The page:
Movie Madness

Introducing innovative ideas to the cinema bathroom.

Public restroom - sinks.Tonight I sit in a coffee shop across the street from a neighborhood movie theater. It seems to belong to a nostalgic bit of yesteryear, when people lived near where they shopped. It’s the kind of theater with only one screen. The sort that people walk to, either because they want to, or because the nearest available parking is at their own house.

The marquis lights reflect off my coffee mug’s ebony glaze, and I'm struck with a longing to watch a film on the big screen. Instinctively, I dismiss the thought as inaccessible. But why?

Having spent quite a few years afraid to stray more than 10 seconds from a bathroom, I'm accustomed to doing as many things at home as possible. During that time, most of my movie-watching was in the comfort of our living room, well within the protected porcelain perimeter. We got in such a habit that I automatically wait for movies to come out on DVD, without considering a trip to the cinema—even when I’m feeling well. My instincts have definitely been altered; I used to love going to the movies.

It strikes me as odd, in this day and age, that a trip to the restroom should be such a chore in a theater. We live in an era of mega-plexes where the restroom is a zillion miles from your seat. But is that really necessary? Couldn’t those giant restrooms be divided up into smaller bits, and distributed more evenly throughout the facility? One per theater even? Most definitely the answer is yes, but we see it so rarely. In a single-screen movie house the restroom is naturally likely to be much closer, however.

But then there’s the issue of missing essential parts of the movie while sitting on the can. To resolve this, I have thought up a solution that’s so simple it amazes me someone hasn’t already done it. Why not play the movie on a TV screen in the bathroom? It can’t be that difficult—after all, for years we’ve had access to sporting events while standing in line at the concession stand. Even without the video screen, at the very least they could pipe in audio from the movie so you can follow the dialogue.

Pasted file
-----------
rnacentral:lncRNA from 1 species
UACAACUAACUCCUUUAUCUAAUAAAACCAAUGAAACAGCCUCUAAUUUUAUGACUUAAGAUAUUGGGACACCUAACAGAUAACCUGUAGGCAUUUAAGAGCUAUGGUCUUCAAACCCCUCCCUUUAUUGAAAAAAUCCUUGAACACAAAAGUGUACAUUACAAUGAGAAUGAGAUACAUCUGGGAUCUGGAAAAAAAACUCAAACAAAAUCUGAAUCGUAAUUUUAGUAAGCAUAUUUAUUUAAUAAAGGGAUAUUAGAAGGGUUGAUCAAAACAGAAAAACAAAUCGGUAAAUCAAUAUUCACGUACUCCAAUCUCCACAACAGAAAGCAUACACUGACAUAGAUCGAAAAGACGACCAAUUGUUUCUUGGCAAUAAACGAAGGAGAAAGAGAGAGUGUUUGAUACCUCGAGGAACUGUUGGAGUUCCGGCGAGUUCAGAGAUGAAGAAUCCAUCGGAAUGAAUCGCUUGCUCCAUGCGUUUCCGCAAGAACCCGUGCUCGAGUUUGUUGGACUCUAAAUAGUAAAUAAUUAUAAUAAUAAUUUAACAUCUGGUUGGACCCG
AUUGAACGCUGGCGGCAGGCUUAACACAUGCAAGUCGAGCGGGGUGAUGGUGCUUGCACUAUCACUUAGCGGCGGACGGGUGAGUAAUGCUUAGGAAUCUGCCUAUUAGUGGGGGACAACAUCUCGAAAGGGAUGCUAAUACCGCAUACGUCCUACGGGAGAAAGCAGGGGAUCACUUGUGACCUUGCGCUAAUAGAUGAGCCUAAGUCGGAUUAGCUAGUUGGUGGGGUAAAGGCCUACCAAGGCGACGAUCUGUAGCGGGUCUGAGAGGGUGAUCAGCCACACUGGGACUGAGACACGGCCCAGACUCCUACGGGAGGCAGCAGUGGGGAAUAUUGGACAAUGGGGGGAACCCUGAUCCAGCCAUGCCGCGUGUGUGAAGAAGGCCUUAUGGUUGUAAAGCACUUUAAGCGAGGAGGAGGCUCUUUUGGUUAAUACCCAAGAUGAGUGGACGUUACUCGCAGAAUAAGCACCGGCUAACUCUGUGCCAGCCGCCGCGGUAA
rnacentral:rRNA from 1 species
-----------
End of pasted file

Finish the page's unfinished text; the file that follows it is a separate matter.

This is the day and age when TV screens are popping up everywhere... on billboards, in cars, in the backs of airplane seats. People are watching movies on their cell phones, for crying out loud. It seems to me that if they can figure out how to play ads to me on a TV at the gas pump, they ought to be able to put one in the bathroom at the cinema. Especially when the smallest soda they sell is darn near a full gallon.

We can rethink this. We have the technology. We have the capability to create the world’s best cinema bathroom. Better than it was before… closer, smarter, friendlier.

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Tags: Narratives , Toilet Talk

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About the Author

Andrew Tubesing is an acclaimed advocate and humorist on the subject of inflammatory bowel disease.